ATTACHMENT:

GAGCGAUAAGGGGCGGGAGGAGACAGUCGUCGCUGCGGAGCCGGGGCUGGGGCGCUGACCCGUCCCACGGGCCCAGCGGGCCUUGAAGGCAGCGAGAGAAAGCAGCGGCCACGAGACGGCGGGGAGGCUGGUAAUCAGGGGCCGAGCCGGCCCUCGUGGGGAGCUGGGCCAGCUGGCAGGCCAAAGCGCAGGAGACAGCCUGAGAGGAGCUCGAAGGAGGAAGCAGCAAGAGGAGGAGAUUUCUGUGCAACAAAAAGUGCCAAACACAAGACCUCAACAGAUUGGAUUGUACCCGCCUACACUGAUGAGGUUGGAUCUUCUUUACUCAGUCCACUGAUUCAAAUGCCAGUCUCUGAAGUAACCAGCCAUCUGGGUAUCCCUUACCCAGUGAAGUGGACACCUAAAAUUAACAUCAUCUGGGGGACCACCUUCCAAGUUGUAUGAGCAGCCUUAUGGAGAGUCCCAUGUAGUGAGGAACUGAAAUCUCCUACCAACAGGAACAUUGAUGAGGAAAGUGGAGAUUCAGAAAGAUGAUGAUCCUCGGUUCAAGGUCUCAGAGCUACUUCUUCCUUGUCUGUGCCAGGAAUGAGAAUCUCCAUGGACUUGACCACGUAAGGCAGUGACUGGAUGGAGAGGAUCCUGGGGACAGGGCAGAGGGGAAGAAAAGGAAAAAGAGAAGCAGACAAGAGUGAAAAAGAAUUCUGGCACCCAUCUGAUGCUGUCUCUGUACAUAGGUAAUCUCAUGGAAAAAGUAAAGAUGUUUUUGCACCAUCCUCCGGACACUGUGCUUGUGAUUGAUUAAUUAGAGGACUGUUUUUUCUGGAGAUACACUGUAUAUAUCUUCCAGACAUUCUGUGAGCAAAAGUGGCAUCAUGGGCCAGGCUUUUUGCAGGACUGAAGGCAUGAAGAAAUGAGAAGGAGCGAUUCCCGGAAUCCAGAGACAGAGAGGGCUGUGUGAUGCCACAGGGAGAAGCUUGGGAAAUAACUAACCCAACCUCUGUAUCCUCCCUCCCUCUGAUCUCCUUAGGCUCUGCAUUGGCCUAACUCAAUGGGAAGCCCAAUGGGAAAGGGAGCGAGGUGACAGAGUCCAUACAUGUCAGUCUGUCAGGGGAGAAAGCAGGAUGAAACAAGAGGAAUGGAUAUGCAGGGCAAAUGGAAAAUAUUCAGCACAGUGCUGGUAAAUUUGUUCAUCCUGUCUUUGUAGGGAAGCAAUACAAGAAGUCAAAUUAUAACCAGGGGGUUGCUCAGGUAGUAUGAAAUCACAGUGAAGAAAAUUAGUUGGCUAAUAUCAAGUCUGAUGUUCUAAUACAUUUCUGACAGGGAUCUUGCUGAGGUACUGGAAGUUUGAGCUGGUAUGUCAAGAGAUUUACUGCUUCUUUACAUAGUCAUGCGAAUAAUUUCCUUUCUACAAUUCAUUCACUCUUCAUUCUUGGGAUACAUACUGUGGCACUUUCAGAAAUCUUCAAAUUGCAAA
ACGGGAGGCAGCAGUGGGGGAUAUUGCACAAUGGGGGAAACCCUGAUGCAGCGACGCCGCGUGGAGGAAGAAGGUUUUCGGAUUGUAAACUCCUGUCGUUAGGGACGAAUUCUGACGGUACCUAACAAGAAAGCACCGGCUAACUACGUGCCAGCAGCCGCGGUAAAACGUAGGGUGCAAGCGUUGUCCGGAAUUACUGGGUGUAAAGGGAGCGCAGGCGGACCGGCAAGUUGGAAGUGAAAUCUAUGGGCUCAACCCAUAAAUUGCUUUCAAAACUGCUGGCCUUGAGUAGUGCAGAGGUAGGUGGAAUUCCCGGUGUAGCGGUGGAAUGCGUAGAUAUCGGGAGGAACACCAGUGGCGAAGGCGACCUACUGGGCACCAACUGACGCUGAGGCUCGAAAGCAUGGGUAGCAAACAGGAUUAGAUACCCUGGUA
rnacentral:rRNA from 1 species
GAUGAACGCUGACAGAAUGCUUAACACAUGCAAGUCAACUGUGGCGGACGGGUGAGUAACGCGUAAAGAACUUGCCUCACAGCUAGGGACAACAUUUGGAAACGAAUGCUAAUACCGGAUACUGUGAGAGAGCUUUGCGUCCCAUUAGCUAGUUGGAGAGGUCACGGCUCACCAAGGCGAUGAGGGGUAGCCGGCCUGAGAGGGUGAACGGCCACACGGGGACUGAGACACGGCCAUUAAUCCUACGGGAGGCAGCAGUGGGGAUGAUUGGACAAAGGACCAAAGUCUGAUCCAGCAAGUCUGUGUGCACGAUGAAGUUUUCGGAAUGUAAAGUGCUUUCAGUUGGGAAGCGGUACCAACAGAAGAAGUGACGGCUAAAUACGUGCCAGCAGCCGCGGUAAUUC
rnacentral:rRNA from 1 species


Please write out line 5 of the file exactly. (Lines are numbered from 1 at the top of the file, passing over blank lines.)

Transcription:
rnacentral:rRNA from 1 species